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Protesters at a rally against racism in Dresden, June 2020/Photo: power4africa e.V.

Controversial court verdict over Pegida attack on Pakistani in Dresden

Bob Hooda, writing from Dresden, says a court ruling in a case of physical assault against an immigrant in the eastern German city reveals institutionalised racism within the judiciary of the state of Saxony

On 29 July 2019, a 30-year-old Pakistani was first insulted by supporters of Pegida, a pan-European, anti-Islam, far-right political movement, and then given a bloody nose by a 75-year-old so-called marshal of the anti-immigrant group. At the end of September this year, the three defendants had to stand trial at the district court of Dresden for causing facial injury to the foreigner.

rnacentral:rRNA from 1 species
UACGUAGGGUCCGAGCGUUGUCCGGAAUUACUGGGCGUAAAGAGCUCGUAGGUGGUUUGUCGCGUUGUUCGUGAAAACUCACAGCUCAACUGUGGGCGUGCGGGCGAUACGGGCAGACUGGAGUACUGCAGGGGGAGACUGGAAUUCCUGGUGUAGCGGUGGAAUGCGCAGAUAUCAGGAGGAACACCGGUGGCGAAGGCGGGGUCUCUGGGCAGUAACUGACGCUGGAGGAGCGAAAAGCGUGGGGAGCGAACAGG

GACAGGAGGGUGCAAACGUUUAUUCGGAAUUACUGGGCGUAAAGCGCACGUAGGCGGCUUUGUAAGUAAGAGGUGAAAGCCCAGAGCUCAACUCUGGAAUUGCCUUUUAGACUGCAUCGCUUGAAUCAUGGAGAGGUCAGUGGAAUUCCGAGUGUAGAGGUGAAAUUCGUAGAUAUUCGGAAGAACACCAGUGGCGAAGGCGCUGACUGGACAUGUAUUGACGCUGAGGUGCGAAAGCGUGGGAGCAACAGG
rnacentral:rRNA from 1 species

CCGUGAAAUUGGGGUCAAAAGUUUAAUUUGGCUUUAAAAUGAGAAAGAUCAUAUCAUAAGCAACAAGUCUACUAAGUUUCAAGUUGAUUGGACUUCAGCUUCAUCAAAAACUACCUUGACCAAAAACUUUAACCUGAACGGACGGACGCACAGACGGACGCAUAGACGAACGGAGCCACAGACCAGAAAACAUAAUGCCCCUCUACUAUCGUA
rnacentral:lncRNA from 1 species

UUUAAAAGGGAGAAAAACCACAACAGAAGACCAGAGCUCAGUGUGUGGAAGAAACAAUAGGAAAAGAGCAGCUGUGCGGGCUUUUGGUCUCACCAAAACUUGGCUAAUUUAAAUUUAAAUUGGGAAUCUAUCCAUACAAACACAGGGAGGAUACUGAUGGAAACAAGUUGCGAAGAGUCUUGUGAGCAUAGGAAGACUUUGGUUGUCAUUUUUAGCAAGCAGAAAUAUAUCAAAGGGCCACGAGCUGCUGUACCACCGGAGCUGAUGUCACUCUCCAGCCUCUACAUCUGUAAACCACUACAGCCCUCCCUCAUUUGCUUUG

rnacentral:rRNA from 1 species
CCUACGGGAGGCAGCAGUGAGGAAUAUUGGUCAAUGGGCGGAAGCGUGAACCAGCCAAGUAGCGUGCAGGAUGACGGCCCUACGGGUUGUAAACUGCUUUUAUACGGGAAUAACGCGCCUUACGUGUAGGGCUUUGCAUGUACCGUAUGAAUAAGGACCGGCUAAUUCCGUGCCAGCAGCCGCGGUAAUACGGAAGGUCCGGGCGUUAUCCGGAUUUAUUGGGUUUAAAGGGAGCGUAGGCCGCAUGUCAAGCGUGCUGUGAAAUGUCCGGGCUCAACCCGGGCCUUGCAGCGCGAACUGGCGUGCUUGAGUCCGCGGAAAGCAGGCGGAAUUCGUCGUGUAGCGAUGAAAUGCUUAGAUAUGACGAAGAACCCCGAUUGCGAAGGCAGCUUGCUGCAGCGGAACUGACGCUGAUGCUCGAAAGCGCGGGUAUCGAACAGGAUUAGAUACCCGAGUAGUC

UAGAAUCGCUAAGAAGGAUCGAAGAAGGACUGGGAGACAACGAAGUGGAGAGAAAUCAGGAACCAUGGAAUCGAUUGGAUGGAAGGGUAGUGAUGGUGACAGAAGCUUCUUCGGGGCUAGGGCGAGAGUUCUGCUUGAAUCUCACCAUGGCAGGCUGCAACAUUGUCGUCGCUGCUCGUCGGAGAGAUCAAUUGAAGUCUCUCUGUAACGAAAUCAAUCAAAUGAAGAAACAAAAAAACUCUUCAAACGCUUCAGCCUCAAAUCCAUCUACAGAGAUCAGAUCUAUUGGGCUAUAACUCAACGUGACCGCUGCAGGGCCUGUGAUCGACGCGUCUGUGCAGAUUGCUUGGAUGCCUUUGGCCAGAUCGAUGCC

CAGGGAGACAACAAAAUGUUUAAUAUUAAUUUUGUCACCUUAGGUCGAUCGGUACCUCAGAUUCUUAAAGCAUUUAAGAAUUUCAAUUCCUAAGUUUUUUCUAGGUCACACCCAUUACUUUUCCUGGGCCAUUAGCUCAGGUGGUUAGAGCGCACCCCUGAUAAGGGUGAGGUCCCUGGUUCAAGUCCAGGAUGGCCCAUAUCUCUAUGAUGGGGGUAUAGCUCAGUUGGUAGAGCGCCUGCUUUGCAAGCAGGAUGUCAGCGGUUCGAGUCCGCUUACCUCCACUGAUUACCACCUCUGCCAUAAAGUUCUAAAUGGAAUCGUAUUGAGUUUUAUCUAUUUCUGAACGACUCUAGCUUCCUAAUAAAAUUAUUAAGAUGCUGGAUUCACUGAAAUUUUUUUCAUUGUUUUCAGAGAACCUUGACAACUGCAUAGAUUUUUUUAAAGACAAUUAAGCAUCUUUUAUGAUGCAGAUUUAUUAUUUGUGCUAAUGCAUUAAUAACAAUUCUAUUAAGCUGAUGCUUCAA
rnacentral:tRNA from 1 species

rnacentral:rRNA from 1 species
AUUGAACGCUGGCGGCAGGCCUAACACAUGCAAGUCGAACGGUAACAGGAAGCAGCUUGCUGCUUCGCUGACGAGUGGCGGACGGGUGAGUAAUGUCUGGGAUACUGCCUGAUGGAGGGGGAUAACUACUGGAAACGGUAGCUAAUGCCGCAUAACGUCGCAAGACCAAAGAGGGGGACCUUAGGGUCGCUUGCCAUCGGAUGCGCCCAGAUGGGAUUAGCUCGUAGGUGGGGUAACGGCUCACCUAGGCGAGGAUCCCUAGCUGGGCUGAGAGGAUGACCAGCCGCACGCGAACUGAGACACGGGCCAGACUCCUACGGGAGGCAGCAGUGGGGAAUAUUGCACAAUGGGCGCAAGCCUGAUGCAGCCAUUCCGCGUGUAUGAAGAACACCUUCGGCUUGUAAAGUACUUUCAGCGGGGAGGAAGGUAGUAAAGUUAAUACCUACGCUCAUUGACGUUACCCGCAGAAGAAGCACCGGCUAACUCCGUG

The judge already wanted to discontinue the proceedings due to lack of evidence, as he said. However, in an unusual show of support by the police, the officer in charge presented a video of the incident, which incriminated the Pegida marshal hitting the foreigner on the face.

The 75-year-old was the only one of the three accused who had no previous criminal record. Thus, the magistrate sentenced him to a fine of 500 Euros for negligent physical injury. His two young previously convicted supporters, however, were acquitted. This case is a perfect example of institutional racism within the judiciary at lower court level in Saxony.

It is imperative that this kind of behaviour by judges and even lawyers, some of whom may not even shy away from taking part in Pegida demonstrations, be addressed by the President of the Court. In a lower court in Dresden a tough German can get away telling an African “I will hit you on your mouth”.

Turning a blind eye to such malicious racial behaviour throws a bad light on the judicial system, especially in the year when Germany holds the Presidency of the Council of the European Union. Awareness raising should therefore not be restricted to a social civic level but should in particular consider the deep-rooted racism anchored within the structures of the institutions.

READ ALSO Black Lives Matter: Dresden is silent against racism

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